2022 CATALOG STORY: BAND OF BROTHERS

2022 CATALOG STORY: BAND OF BROTHERS

 

William “Bill” Unger introduced TJ to whitetail hunting when he was about 9-years-old. Every season, his father would take him to a family-owned farm to share the experiences of the whitetail woods. Countless hours were spent in the woods, making some of their best memories over more than 30 hunting seasons together. 

 

A few months ago, however, their time in the woods together earthside would end. TJ’s father lost his battle with cancer and the 2021 season would begin to carry a tremendous level of emotion. In his heart and mind, TJ knew he wasn’t going to be able to call his Dad to tell him what he saw, talk through the challenges, joke through the frustrations, or reminisce old stories together. It was these things that weighed the heaviest on TJ’s heart this season.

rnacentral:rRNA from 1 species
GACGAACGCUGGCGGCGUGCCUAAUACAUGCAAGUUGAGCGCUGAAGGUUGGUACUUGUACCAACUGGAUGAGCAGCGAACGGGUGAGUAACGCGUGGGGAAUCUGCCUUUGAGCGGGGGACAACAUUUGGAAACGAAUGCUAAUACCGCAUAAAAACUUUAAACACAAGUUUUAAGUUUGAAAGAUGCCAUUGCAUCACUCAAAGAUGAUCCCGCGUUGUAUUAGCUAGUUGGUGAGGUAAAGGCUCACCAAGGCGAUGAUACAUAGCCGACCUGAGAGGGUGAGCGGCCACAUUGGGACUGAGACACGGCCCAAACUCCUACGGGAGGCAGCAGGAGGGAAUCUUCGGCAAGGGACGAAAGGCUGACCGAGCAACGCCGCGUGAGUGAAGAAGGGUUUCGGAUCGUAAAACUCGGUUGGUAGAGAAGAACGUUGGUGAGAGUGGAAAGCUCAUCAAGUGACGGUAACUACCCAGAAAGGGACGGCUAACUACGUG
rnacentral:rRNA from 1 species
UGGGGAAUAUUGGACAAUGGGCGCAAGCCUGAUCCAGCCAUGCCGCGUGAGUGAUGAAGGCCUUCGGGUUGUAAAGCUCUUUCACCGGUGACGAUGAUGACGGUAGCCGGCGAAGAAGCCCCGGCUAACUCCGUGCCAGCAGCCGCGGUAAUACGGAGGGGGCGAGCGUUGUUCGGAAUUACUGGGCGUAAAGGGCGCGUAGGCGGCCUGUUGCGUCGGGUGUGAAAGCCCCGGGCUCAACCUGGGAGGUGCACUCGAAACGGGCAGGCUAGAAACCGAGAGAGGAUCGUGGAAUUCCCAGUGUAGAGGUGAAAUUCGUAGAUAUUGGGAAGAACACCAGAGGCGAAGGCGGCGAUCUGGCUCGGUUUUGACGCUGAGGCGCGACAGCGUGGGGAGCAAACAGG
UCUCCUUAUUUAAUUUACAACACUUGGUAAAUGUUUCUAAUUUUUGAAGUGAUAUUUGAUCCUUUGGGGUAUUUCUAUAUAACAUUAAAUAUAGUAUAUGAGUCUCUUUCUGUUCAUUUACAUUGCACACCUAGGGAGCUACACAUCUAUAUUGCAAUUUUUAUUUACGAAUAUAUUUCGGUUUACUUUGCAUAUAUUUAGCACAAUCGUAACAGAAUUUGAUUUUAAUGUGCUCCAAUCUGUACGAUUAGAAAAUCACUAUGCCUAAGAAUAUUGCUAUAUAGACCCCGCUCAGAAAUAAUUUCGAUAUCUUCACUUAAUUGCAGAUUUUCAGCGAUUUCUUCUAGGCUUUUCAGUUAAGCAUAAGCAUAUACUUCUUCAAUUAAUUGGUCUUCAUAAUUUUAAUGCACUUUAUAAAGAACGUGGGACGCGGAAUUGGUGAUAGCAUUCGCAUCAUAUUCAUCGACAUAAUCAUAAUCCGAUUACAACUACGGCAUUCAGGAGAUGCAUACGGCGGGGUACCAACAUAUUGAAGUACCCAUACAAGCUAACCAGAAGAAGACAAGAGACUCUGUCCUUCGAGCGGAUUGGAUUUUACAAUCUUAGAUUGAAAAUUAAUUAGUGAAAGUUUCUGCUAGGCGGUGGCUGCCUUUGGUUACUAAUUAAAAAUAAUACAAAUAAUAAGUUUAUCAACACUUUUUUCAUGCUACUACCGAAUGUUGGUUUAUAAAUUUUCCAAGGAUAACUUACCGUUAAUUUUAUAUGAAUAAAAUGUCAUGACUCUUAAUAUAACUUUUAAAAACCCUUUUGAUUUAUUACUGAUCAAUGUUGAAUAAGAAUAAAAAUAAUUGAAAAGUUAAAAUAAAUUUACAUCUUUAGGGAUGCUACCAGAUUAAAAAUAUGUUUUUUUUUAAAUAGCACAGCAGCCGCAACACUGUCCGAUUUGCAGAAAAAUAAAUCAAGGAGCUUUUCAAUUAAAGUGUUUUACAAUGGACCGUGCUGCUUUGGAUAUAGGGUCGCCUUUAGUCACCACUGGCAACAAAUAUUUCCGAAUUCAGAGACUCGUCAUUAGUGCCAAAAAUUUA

It was Wednesday, November 3rd, 2021. TJ climbed down from a frustrating morning hunt after hound dogs had cleared the woods. He began walking through the oak flat where he and his Dad field dressed a few deer over the years. He spent some time at the Beech Tree where they had carved their initials over 25 years ago. 

 

Finally, he found his Dad’s tree and an old metal folding chair. When TJ was young, his Dad would drop him off at his spot and walk to this tree that he favored for the view. It’s a little rusty, but his chair remains as it has since the early ’90s. Although TJ didn’t find the sign he had hoped for, in a serendipitous way the area was calling to him.

 

That afternoon, TJ hung a stand right next to his Dad’s tree and chair and in TJ’s words, “it all just felt right.” He anticipated one of the mature bucks would move in soon to check the bedding areas not far from that spot. “Before I left, I put a cell camera on the main trail and stayed out of the woods, waiting with anticipation,” TJ said.  

 

Three days later, late Saturday night, the cell camera lit up.  A well-known mature buck, called “Roadhouse” was 50 yards from his Dad’s tree, following a large group of does. The forecasted wind was marginal and the time was right.